Final Report: Development of Cost-effective, Compact Electrical Ultrafine Particle (eUFP) Sizers and Wireless eUFP Sensor Network

EPA Grant Number: R835132
Title: Development of Cost-effective, Compact Electrical Ultrafine Particle (eUFP) Sizers and Wireless eUFP Sensor Network
Investigators: Chen, Da-Ren , Lu, Chenyang
Institution: Washington University , Virginia Commonwealth University
EPA Project Officer: Chung, Serena
Project Period: September 1, 2012 through August 31, 2015 (Extended to August 31, 2016)
Project Amount: $499,130
RFA: Developing the Next Generation of Air Quality Measurement Technology (2011) RFA Text |  Recipients Lists
Research Category: Air Quality and Air Toxics , Air

Objective:

The adverse effect on human health from the exposure to ultrafine particles (UFPs) has been evidenced in recent epidemiologic studies. People living in the areas with high ambient UFP concentration levels were found to have high risk of asthma and cardiovascular disease. For continuous monitoring of spatial distribution of fine and ultrafine particles in cities and residential communities in close proximity to highways, cost-effective and miniature particle sensors with built-in networking function are required. This project aims to develop cost-effective miniature electrical ultrafine particle sizers (mini-eUPSs) based on the particle electrical mobility technology and a wireless sensor network using mini-eUPSs as the nodes.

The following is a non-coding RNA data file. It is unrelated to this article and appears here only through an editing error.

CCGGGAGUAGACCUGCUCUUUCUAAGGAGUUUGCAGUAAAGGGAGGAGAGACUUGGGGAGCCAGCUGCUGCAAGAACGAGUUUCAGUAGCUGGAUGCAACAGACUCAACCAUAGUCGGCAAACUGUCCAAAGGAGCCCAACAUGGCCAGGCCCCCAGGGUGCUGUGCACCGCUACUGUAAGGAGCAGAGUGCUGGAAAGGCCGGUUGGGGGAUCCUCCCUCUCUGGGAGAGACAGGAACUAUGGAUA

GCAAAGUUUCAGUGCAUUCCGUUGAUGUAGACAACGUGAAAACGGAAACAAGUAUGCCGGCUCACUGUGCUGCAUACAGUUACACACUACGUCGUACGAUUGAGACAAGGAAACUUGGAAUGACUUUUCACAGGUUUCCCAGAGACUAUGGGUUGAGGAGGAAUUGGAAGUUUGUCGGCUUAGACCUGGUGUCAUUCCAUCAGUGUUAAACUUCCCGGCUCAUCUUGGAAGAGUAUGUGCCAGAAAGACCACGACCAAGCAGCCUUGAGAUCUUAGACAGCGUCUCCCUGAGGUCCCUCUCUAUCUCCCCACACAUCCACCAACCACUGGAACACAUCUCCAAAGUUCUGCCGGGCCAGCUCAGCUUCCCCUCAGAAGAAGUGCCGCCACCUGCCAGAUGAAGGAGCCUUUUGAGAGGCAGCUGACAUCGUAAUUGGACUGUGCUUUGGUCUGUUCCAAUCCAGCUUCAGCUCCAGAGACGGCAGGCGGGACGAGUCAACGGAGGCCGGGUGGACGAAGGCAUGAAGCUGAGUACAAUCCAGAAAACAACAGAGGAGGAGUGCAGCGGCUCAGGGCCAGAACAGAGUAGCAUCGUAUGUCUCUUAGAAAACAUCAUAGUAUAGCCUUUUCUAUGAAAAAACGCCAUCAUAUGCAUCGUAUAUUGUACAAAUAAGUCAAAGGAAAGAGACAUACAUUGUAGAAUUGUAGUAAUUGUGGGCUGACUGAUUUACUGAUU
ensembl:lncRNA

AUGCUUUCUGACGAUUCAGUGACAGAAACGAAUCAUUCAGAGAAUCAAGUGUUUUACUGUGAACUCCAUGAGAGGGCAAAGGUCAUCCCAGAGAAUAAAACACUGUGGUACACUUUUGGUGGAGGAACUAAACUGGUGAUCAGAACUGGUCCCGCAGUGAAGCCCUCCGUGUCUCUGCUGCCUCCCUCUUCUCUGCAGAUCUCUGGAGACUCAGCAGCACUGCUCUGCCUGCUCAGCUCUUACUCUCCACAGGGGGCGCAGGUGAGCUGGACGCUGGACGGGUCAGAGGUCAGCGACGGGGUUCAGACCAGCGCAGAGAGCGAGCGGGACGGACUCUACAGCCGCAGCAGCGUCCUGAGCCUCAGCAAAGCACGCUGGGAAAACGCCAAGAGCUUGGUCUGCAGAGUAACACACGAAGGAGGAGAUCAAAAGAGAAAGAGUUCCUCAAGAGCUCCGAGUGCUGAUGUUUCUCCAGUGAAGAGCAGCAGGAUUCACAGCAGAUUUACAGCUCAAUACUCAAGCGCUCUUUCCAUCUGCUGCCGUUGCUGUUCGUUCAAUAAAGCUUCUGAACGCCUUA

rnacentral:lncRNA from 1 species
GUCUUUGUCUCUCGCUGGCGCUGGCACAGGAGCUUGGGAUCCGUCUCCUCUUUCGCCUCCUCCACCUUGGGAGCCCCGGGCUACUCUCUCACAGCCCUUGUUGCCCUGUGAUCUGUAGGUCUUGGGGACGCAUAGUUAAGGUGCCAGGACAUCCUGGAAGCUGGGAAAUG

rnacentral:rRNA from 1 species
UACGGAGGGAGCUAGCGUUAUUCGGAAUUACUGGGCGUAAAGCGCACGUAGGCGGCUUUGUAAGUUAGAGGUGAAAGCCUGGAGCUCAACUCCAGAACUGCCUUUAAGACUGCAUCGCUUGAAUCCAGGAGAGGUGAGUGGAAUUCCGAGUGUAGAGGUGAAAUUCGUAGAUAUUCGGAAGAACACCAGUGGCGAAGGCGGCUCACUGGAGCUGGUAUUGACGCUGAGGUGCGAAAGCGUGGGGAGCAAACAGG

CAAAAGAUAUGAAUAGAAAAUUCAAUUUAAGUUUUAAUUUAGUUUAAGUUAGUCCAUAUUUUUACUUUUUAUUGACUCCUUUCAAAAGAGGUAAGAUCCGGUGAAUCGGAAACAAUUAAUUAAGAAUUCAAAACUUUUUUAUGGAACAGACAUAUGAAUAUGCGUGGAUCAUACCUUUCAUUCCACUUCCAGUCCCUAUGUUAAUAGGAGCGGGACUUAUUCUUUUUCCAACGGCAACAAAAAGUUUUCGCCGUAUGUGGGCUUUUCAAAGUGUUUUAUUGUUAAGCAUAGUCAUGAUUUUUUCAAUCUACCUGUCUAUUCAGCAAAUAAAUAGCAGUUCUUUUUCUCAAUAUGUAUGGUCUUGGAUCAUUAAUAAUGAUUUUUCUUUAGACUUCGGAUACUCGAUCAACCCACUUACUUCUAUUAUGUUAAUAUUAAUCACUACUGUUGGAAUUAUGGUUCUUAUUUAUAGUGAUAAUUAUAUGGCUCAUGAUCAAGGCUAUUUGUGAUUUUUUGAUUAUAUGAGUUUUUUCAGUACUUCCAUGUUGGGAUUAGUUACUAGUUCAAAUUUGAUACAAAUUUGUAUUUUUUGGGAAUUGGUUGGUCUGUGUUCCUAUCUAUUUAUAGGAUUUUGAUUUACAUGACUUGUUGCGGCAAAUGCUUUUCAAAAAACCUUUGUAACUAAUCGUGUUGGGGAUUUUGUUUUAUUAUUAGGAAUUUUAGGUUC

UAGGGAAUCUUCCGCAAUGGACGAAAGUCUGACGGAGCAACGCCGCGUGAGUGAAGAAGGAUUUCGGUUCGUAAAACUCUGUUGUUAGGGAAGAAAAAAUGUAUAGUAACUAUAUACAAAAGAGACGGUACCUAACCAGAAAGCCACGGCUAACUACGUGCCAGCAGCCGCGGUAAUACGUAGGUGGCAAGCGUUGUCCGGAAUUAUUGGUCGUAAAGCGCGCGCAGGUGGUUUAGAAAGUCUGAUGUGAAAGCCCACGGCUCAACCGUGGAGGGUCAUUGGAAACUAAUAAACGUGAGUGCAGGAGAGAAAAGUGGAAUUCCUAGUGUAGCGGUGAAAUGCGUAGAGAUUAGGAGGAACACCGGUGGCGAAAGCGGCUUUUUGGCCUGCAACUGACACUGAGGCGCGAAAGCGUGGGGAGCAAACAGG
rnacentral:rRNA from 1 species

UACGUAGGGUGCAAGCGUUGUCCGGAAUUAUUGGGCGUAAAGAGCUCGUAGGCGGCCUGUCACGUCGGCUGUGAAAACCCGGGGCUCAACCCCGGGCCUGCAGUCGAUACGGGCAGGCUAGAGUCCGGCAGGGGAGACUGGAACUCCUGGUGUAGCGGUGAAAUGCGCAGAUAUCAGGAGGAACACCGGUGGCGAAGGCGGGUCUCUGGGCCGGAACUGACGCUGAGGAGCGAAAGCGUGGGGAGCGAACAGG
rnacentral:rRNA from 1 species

Summary/Accomplishments (Outputs/Outcomes):

To develop a mini-eUPS, three core components (i.e., mini-plate aerosol particle charger, mini-plate differential mobility analyzer [DMA] and mini-Faraday cage particle electrometer) were designed and their performances were evaluated. Proposed mini-eUPSs then were assembled and tested upon the completion of core components. The following summarizes the findings during the course of this project:

(1) Development of a new mini-plate particle charger